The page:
As time went on, Ned met with the family every now and then for lunch or dinner on a weekend.
Last September, the family sent him a special invitation to Erin’s bat mitzvah, which he had to turn down.
“I don’t drive now,” Ned answered when they called him.
“I’ll pick you up, take you to our house in Westchester and take you home,” said Mr. Cohen. “How would that be?”
“Just about perfect,” was the answer.
“The story doesn’t end there,” Ned Caro said. “Hopefully, the story will continue for a long, long time because this year they invited me to come to share Thanksgiving dinner with their whole family. This year Thanksgiving will be something special to remember. Again they’ll pick me up and take me home. I mean, last year I was pretty lonely, but this year – especially at this time of year – I’ll break bread with Erin and my ‘other’ family. It’ll be almost like it used to be.
Years ago a John Hopkin’s professor gave a group of graduate students this assignment: Go to the slums. Take 200 boys, between the ages of 12 and 16, and investigate their background and environment. Then predict their chances for the future. The students, after consulting social statistics, talking to the boys, and compiling much data, concluded that 90 percent of the boys would spend some time in jail.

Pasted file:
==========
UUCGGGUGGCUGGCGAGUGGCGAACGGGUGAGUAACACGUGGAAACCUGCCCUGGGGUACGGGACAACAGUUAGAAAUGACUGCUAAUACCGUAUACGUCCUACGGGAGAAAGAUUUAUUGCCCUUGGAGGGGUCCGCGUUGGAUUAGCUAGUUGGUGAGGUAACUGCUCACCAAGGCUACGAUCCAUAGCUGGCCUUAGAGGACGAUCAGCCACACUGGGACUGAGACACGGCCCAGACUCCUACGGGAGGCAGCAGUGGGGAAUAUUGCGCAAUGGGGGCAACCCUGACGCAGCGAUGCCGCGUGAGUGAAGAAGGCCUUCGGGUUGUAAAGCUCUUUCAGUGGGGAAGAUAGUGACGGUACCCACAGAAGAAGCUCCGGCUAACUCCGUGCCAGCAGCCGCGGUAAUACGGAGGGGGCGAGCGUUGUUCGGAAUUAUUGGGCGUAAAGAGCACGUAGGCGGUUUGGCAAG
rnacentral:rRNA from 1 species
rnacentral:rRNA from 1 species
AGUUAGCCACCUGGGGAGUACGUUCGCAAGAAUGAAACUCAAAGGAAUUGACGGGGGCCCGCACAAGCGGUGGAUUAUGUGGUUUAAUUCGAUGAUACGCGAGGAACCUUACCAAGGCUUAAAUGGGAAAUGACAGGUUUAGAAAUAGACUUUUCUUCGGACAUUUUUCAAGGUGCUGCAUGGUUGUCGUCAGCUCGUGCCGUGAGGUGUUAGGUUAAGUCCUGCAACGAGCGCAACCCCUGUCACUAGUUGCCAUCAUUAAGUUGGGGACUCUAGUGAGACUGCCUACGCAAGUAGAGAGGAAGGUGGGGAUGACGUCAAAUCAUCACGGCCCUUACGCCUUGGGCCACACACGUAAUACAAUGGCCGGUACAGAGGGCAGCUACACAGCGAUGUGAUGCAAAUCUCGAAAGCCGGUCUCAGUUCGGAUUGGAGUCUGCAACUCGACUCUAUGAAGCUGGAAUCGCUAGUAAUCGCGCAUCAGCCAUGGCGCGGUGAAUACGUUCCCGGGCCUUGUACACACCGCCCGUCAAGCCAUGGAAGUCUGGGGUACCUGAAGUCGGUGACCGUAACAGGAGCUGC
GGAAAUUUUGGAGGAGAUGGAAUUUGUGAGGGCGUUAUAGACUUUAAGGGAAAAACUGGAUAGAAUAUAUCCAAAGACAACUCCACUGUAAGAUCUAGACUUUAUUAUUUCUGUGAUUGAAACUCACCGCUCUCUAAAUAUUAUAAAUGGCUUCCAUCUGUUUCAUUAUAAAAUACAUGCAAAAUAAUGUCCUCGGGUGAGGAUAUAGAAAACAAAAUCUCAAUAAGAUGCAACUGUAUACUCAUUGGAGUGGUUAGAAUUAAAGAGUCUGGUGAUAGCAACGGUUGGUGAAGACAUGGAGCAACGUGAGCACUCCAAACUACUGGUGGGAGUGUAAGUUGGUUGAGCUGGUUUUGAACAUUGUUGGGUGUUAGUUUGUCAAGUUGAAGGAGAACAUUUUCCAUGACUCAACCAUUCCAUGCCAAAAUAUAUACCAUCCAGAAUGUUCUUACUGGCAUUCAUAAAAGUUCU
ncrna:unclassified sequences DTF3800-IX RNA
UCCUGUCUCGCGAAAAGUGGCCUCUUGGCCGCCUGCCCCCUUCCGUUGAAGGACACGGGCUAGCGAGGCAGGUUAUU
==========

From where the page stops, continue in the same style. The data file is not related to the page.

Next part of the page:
Twenty-five years later another group of graduate students was given the job of testing the prediction. They went back to the same area. Some of the boys – by then men – were still there, a few had died, some had moved away, but they got in touch with 180 of the original 200. They found that only four of the group had ever been sent to jail.
Why was it that these men, who had lived in a breeding place of crime, had such a surprisingly good record? The researchers were continually told: “Well, there was a teacher…” They pressed further, and found that in 75 percent of the cases it was the same woman.
The researchers went to this teacher, now living in a home for retired teachers. How had she exerted this remarkable influence over that group of children? Could she give them any reason why these boys should have remembered her? “No,” she said, “no I really couldn’t.” And then, thinking back over the years, she said amusingly, more to herself than to her questioners: “I loved those boys…”